Are you renting an apartment in New York this summer? Say hello to exorbitant prices and fighting to the bitter end.
Amid the heat and occasional rain, there’s been a mad rush to rent affordable apartments in Gotham, which has been undersupplied for many years. Estate agents describe the pricing chaos.
“It’s crazy,” Jessica Peters, realtor at Douglas Elliman, told MarketWatch. “We can’t even keep up anymore. We’re, like, just put in this crazy number, and we get it.
City offices are trying to bring back more employees: the city is not yet at full capacity – foot traffic to office buildings in New York is still down 40.6% from normal levels before the pandemic. But some workers are returning, restaurants, movie theaters and Broadway are back, and students are getting ready to start school.
As a result, the median monthly rent is up $725 in June on the year and $59 on the previous month, according to Zillow. The median monthly rent in New York is $3,300, 53% higher than the national median of $2,155.
““A lot of tenants will have a rude awakening.””
Peters said the reality was much worse on the ground. “I just rented something… in Williamsburg. It’s a great two-bedroom unit on the ground floor, with a great backyard,” she said. “We were asking for $6,500. We got $7,000.
Peters, who specializes in the Brooklyn area, said while rental prices fluctuate a bit, the reality is clear for someone looking to be in the city.
“If you come back after not renting in either Brooklyn or Manhattan for the last ten years, a lot of renters will have a rude awakening,” Peters added.
(Reminder: Realtors and Realtors make money on a commission basis, which means the hotter the market, the higher their income.)
That said, the rental market in New York reflects a broader intensification of inventory pressures, which is leading to bidding wars among tenants across the country.
But in New York, one of the most expensive cities in the United States, even some rent-stabilized apartment tenants can’t take a break. The city’s rent guidelines board approved increases of up to 3.25% for new one-year leases and 5% for two-year leases.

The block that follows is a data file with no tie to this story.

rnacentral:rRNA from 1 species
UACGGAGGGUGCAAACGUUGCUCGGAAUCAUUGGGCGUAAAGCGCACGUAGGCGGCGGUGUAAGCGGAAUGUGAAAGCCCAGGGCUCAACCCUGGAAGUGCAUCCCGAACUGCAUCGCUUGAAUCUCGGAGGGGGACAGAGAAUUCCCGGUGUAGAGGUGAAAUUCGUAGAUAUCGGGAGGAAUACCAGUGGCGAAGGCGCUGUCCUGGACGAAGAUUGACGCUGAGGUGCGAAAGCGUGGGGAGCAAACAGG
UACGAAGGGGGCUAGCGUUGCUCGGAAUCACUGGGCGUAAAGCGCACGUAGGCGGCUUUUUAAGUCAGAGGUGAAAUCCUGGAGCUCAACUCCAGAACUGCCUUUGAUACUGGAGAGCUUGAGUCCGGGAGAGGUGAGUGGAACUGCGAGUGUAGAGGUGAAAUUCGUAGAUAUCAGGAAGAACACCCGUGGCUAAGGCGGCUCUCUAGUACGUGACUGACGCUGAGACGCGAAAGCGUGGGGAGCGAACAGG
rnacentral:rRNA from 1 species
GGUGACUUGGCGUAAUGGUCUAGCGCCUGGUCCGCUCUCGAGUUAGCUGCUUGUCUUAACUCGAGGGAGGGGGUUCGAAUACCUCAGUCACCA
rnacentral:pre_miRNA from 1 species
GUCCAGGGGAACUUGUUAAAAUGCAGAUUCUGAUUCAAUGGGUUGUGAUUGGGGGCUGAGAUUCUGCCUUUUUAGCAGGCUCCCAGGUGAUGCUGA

Mihal Gartenberg, realtor at Coldwell Banker Warburg, said market anger was normal; it simply operated on the basis of supply and demand.
There are people who are just willing to pay more, he said. “It’s getting to the point where we’re not the ones deciding what this is going to do,” Gartenberg added. “It’s a real market business.”
Technology was helping some tenants in their search for housing.
A luxury two-bedroom apartment she rented out two months ago in the Lincoln Square area attracted people during a two-hour open house in ten-minute increments, in addition to potential tenants who joined FaceTime AAPL,
“We set it in my opinion…pretty high,” Gartenberg said, at $7,800, “but we ended up taking even more. The person who ended up taking the apartment offered $400 more …we got an offer of $8,200, and they also offered to pay the brokerage fee, which is an extra month.
““I feel very uncomfortable with this idea that the first person to see an ad is the first to get it.””
Over the past weekend, she hosted open houses for two apartments in Lower Manhattan’s Two Bridges neighborhood.
“I’m only going to show it at the open house. I like to have a level playing field,” Gartenberg said before the event. “I feel very uncomfortable with this idea that the first person to see an ad is the first to get it.”
Buying a home was worth considering, real estate agents said, given the intensity of the rental market.
Peters said many tenants are trying to become landlords because rents have risen dramatically. “People are starting to reevaluate whether or not they should just buy at this point,” she said.
“Why would I want to spend $10,000 a month on a rental if I qualify for a purchase? It might not be exactly what they wanted, it might be a little smaller, but it will still be better than spending $120,000 a year on rent,” she added.
But be prepared for bidding wars when buying a home, Gartenberg warned. She’s put a newly renovated apartment in Hudson Heights on the market, which is selling “way above demand”, she said, so much so that “it freaked me out”. The sale of the apartment is not yet complete, so she said she was unable to discuss how far the bidder went over it.
Gartenberg has priced its Two Bridges apartments at $3,550 for a two-bedroom unit on the top floor and $3,050 for a one-bedroom unit.
On Saturday, its open days were full. Everything went above demand. “We had so much interest that we were able to divert offers to an apartment not yet listed and rent it out as well,” Gartenberg said in a follow-up email.
Half of the offers received were from people who had seen the apartment via FaceTime or from a video she sent them.
Gartenberg offered rental tips for the summer.
Get your documents in order, such as your proof of income, photo ID, tax form 1040, bank statements, and other financial documents. Also, have your work write a letter saying you’re in good standing, Gartenberg said.
Given the number of rentals going above demand, be prepared to look below your price, she added. If you know what building you want to live in, contact the landlord’s agent, she said, and find out what’s coming up on the market.
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